Hello and happy Tuesday! Welcome to the last installment of snacky treats.
I missed posting yesterday–not for want of trying. I traveled via bus from Southern Thailand to Laos in a 48 hour span and a post simply wasn’t happening. I had planned a post about desserts in Budapest for the Sweet Treat portion, but that post may just have to wait for another time. So now it’s on to… Pringles!
My older brother Ahimsa is a vegan, and he travels around the world with his girlfriend Rachel in between teaching gigs. I’ve written about him before, and I’m currently traveling with the two of them in Thailand and Laos, which is great fun. I don’t see him often enough, so we always have a blast when we get to hang out.
He and Rachel have a vegan budget travel blog called Are We There Yeti, and a few years ago he posted about his favorite Pringles flavors of Indochina. That post sort of slipped my mind until I was in Vietnam last month with my friend Billy, on our way back from Halong Bay.
At the little mart where all buses stop to give their passengers the opportunity to buy expensive wood carvings, silk ties or snacks, I spotted a few wacky Pringles flavors. We knew we wanted to try a few of them (Pringles are often vegan, and often have ingredients in English, making it a good road snack for traveling vegans) so picked out the Hot & Spicy flavor and the Salty Seaweed.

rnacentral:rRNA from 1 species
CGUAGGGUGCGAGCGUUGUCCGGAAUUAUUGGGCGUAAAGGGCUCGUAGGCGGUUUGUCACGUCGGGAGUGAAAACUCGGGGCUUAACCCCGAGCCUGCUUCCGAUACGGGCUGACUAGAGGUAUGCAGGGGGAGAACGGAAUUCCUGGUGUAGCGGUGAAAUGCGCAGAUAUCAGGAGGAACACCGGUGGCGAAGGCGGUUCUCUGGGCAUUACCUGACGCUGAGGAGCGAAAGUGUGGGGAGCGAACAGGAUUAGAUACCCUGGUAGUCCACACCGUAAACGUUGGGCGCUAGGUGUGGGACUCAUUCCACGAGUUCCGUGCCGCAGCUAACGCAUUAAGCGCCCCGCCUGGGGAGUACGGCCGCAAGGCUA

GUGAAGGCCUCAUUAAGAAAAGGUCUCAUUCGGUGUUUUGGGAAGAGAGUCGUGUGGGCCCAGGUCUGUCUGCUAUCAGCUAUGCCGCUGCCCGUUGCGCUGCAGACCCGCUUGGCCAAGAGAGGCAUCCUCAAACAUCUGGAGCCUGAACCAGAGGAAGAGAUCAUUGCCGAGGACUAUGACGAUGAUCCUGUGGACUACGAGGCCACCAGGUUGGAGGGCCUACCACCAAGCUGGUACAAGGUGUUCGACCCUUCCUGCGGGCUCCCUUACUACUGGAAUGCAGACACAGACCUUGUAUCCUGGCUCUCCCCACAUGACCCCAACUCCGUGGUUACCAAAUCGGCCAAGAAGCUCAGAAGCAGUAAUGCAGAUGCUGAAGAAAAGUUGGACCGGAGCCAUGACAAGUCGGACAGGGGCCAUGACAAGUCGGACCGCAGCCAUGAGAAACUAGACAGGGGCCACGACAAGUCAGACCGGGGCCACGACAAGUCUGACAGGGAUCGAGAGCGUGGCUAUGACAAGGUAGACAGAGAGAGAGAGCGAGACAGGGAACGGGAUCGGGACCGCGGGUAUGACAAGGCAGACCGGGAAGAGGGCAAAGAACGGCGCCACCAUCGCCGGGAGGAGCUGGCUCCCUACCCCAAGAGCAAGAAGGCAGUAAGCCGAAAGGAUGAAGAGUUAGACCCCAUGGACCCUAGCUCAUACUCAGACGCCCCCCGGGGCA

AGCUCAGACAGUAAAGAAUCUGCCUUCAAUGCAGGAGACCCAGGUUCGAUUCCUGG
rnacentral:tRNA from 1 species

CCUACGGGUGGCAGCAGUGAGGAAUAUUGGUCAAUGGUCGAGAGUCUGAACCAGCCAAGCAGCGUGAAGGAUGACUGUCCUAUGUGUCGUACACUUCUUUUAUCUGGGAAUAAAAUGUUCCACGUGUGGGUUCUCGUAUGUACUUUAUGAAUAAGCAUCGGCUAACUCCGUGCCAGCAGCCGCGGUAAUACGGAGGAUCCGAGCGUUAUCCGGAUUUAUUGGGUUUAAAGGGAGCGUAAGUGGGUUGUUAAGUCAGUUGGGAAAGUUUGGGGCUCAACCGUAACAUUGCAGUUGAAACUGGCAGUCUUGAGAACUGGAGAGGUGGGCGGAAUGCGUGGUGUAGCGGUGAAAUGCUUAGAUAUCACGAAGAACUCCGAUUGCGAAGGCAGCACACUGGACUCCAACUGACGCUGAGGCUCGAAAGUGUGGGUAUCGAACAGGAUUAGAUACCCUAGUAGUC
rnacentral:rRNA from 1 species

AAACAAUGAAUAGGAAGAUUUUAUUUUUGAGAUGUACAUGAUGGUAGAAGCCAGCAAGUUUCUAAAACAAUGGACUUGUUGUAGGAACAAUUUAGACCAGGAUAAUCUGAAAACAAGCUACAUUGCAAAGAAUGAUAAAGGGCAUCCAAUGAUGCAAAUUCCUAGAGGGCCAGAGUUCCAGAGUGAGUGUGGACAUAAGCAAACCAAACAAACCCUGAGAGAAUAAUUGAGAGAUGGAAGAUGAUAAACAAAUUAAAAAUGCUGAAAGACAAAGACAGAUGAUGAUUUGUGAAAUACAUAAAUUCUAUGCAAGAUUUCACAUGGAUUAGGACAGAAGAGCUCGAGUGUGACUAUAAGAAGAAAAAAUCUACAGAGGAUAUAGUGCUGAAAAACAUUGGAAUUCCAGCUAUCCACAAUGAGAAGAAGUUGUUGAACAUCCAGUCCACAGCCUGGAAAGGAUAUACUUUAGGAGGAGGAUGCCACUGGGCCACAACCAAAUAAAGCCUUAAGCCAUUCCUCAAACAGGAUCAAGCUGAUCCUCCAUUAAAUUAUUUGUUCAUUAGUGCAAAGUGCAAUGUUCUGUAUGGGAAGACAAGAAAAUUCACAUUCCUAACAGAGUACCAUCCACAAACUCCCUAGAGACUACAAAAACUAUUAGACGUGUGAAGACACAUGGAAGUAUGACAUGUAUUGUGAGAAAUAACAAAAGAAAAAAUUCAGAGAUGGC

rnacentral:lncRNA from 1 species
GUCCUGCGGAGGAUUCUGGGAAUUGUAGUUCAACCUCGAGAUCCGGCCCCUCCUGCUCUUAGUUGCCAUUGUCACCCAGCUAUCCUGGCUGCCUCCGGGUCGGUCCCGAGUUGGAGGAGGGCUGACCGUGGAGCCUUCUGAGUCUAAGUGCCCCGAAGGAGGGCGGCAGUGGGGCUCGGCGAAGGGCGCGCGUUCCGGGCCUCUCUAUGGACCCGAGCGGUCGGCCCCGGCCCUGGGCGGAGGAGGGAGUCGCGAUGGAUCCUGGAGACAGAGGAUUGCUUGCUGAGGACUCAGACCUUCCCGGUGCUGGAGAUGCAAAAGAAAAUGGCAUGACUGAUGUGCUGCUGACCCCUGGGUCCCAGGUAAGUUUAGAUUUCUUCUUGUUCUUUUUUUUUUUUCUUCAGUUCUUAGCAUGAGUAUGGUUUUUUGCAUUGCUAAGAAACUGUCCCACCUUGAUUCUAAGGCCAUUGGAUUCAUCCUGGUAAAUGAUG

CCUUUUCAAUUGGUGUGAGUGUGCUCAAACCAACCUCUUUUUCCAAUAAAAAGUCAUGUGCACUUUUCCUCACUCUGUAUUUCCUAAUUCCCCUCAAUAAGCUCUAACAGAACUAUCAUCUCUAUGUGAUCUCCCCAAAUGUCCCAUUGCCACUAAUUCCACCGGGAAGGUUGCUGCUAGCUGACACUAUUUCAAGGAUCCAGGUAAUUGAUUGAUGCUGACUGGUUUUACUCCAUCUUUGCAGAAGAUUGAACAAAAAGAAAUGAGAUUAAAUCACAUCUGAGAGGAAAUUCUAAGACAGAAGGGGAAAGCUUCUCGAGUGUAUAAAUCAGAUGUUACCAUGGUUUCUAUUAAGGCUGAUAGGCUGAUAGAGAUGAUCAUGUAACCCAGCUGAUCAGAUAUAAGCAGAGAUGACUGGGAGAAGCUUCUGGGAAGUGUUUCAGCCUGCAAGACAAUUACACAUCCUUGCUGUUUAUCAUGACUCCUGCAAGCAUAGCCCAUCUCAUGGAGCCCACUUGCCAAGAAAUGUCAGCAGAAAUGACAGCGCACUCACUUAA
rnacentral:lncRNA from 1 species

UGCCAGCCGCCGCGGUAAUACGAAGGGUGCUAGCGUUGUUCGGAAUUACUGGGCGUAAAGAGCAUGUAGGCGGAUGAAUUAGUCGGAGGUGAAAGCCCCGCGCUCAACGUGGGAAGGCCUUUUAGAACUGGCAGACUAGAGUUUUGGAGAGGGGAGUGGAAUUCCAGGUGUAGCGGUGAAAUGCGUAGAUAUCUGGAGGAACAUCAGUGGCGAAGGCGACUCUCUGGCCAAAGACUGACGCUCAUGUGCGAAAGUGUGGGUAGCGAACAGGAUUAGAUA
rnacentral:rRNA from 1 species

Verdict: They’re both surprisingly good! I don’t know the last time I bought Pringles in the States, but as a safe vegan snack in SE Asia, they were just the ticket. One note: there’s also a regular ol’ seaweed flavor (not salted) that is just boring; don’t mistakenly get that one.
I still haven’t found the dill pickle (sadly) or the blueberry hazelnut (thankfully) Pringles my brother mentioned in his blog. But I still have two weeks; there’s time!
You know it was bound it happen. I cannot go a whole month writing about food and not include popcorn. So here it is, just in time for Thursday Mofo: Popcorn ‘round the world.
popcorn ’round the world
Luckily I discovered pretty quickly that popcorn is popular everywhere. Everywhere. I have yet to be in a country where I haven’t found popcorn for sale. From Belgium to Budapest to Bangkok, I’ve been able to indulge in my—what do you call a minor obsession? Passion? Affinity? Extreme fondess?– good old fashioned love for popcorn.
From wasabi popcorn (totally decent and slightly addictive) to sweet and salty popcorn in-a-cup in Vietnam (perfect overnight train snack), I have been eating popcorn several times a month. Nowhere near my average of 3-4 times a week back in Portland, but not too shabby.
I am actually on a nutritional yeast detox (this is the longest I’ve gone not eating nutritional yeast since eating solid foods), so even though all this popcorn has soothed my inner popcorn beast, I’m tremendously looking forward to getting home and enjoying a classic bowl of plain popcorn with coconut spray oil, nutritional yeast, and sea salt. Until then, though, I’ll continue happily munching on street ‘corn.